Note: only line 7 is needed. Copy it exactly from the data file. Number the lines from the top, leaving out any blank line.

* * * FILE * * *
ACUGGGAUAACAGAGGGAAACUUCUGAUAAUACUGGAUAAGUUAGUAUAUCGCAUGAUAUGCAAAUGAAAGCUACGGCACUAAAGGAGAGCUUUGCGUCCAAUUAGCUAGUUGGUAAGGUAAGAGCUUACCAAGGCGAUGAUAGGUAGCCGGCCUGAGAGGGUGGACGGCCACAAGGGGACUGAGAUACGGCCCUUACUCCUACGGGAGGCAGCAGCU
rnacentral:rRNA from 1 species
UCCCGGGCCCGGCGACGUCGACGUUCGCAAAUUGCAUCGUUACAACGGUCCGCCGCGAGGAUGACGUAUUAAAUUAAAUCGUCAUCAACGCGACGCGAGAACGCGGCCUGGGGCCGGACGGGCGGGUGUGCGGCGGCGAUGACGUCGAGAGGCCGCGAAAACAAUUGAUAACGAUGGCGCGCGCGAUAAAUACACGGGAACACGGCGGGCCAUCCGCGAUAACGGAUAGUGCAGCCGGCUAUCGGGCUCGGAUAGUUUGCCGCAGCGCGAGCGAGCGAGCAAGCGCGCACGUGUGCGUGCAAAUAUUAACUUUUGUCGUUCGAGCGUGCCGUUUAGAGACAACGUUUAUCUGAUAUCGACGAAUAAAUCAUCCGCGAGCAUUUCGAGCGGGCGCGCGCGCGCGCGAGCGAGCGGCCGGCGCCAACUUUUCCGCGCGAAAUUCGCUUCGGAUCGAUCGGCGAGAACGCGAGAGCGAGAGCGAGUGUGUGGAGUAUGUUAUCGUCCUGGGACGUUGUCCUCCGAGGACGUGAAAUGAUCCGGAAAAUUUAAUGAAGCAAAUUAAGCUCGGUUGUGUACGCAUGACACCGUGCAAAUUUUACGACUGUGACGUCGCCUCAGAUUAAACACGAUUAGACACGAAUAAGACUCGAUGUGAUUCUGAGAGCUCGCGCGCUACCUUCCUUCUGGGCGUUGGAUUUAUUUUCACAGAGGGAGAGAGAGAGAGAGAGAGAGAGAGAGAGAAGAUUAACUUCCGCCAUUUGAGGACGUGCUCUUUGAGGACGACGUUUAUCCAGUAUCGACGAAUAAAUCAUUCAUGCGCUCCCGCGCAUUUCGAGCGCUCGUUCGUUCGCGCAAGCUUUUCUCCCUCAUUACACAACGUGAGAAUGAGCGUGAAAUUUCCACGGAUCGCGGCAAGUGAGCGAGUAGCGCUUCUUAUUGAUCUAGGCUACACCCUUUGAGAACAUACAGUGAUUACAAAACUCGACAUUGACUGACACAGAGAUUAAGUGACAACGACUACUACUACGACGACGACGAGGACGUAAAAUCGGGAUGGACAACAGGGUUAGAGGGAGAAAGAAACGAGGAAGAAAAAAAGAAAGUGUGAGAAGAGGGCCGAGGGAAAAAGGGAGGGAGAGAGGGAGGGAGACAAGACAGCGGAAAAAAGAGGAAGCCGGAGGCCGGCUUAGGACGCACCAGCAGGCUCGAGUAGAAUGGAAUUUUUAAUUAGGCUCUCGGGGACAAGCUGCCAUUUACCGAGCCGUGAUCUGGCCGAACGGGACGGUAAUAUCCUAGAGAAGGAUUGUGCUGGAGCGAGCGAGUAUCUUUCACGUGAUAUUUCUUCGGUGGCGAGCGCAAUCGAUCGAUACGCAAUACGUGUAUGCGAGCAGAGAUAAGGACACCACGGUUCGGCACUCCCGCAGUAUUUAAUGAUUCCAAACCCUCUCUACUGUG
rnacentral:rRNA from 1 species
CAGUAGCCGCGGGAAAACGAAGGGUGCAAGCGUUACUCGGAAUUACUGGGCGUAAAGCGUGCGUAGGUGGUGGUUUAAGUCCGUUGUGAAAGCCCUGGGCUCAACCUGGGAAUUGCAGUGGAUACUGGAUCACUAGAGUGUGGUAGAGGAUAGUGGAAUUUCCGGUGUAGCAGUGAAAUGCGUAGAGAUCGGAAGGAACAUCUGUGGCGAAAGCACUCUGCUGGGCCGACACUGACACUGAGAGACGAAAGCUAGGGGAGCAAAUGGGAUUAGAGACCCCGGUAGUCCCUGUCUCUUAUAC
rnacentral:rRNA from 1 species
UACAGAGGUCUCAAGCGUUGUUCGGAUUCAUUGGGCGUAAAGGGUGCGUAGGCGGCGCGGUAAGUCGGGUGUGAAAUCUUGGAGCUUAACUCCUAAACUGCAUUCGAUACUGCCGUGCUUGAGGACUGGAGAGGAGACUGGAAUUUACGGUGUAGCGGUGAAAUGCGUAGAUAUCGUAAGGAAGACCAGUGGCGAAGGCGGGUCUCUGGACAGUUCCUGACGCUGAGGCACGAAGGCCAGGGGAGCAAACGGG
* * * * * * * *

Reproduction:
UACAGAGGUCUCAAGCGUUGUUCGGAUUCAUUGGGCGUAAAGGGUGCGUAGGCGGCGCGGUAAGUCGGGUGUGAAAUCUUGGAGCUUAACUCCUAAACUGCAUUCGAUACUGCCGUGCUUGAGGACUGGAGAGGAGACUGGAAUUUACGGUGUAGCGGUGAAAUGCGUAGAUAUCGUAAGGAAGACCAGUGGCGAAGGCGGGUCUCUGGACAGUUCCUGACGCUGAGGCACGAAGGCCAGGGGAGCAAACGGG